One year ahead of Census Day 2020, Asian Americans Advancing Justice launches awareness campaign and website
Michelle Boykins 202-296-2300, ext. 0144 email@example.com
Washington, D.C. – Today Asian Americans Advancing Justice, an affiliation of five civil rights organizations, launched a Get Out the Count website, and a suite of census resources as part of a campaign to improve participation in the decennial census by Asian American, Native Hawaiian, and Pacific Islander communities.
Exactly one year out from Census Day 2020, 55 percent of Asian Americans, Native Hawaiians, and Pacific Islanders are not aware of the upcoming 2020 Census, according to research from Asian Americans Advancing Justice. Our organizations, as well as leaders and organizations in Asian American, Native Hawaiian, and Pacific Islander communities across the nation, are demanding a fair and accurate count for all our communities in a census that will determine voting representation in a rapidly-changing America and the allocation of more than $800 billion in annual federal funding.
“The 2020 Census is our only chance in a decade to get a full and accurate count of the Asian American, Native Hawaiian, and Pacific Islander communities,” said Terry Ao Minnis of Asian Americans Advancing Justice | AAJC. “Without an accurate count, valuable dollars that support immigrant and minority communities will be lost, and they will not be represented accurately or served in the way they are Constitutionally entitled.”
“More than $800 billion of federal funding is allocated based on census data, supporting essential programs like education and healthcare,” said Julia Marks, Staff Attorney at Asian Americans Advancing Justice-Asian Law Caucus. “Over the next year, people will hopefully be learning about the census, reaching out to their neighbors, and making sure that everyone in their communities is fully counted.”
The 2020 Census faces challenges like no other census before. The U.S. Census Bureau's own research shows that Asian Americans have the highest rates of concern about census confidentiality and the mistrust is heightened by the surveys' inclusion of a potential question on citizenship status. The first-ever online response option risks confusing some community members and leaving behind those on the wrong side of the digital divide. Funding challenges mean there will be far less in-person, non-response follow-up than ever before. And the entire operation occurs in an anti-immigrant environment in our national politics.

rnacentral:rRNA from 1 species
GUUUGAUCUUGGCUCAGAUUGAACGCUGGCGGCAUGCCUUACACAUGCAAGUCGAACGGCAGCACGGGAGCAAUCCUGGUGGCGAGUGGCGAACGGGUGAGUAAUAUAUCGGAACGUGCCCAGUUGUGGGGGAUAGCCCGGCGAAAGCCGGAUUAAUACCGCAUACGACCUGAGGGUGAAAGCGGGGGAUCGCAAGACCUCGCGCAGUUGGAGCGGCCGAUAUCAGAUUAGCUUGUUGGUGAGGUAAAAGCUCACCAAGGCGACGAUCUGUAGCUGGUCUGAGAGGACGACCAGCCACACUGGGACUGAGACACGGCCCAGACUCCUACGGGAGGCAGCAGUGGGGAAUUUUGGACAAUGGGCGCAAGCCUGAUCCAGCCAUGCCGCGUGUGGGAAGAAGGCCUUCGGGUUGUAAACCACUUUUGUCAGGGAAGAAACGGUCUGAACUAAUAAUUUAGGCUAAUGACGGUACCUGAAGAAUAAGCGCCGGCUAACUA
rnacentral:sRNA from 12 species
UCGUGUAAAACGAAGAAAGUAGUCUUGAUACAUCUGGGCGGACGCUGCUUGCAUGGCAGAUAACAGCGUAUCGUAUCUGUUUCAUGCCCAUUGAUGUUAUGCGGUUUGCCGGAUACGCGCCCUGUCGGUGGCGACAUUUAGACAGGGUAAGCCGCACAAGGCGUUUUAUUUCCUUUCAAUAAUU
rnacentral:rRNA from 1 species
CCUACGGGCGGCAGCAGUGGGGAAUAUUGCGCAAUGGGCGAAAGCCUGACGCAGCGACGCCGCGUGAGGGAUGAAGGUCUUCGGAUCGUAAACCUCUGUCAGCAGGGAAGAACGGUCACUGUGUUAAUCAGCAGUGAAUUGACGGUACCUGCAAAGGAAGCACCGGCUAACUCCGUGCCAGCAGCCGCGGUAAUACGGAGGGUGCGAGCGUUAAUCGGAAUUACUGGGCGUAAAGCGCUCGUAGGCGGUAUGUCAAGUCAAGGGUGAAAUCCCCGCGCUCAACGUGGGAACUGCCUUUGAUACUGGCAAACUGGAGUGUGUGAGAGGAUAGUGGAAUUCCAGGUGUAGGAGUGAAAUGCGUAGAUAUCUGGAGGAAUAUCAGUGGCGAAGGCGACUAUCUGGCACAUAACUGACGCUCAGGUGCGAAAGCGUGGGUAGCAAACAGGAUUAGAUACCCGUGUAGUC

“Georgia has one of the fastest growing Asian American populations in the country. Our communities have much at stake with Census 2020,” Stephanie Cho, executive director of Asian Americans Advancing Justice - Atlanta. “We are working with partners in localities across the state to ensure that the hardest to count communities are effectively reached and that we stand together to be counted and have our voices heard in this anti-immigrant climate that seeks to silence and erase us.”
Visit the newly-launched website at CountUsIn2020.org where a wide range of resources are available. They include topical webinars on many subjects from how people are counted in the census to how the faith community gets involved in the census. The website contains an in-depth legal memo on the citizenship question and language access; fact sheets about what questions are on the census; how to count children; and state-specific data. Soon we will unveil a census toolkit to increase or jumpstart community-based organizations’ engagement on census. Additional resources will be added each month to the site to help raise awareness about the census, to educate about the benefits of the census, and to activate our communities to participate.
“California is home to the largest Asian American population in the country, so we must have a coordinated effort to educate our hard-to-count community members,” said An Le, 2020 Census Statewide Network Manager at Asian Americans Advancing Justice-Los Angeles. “In addition to supporting the development of CountUsIn 2020 materials, we, along with Asian Americans Advancing Justice-Asian Law Caucus and our partner organizations across California, will also be developing California-specific resources to promote the census and address the unique challenges and diversity of our communities.”
"Asian Americans are a growing and dynamic community in Illinois and across the Midwest," said Andy Kang, executive director of Asian Americans Advancing Justice | Chicago. "We will be working to overcome these barriers to ensure we can maintain representation in Congress and collect data that more accurately reflects our diversifying communities."
As we approach Census Day 2020, Asian Americans Advancing Justice is committed to fighting for the inclusion of all Asian American, Native Hawaiian, and Pacific Islander communities in the country we all call home.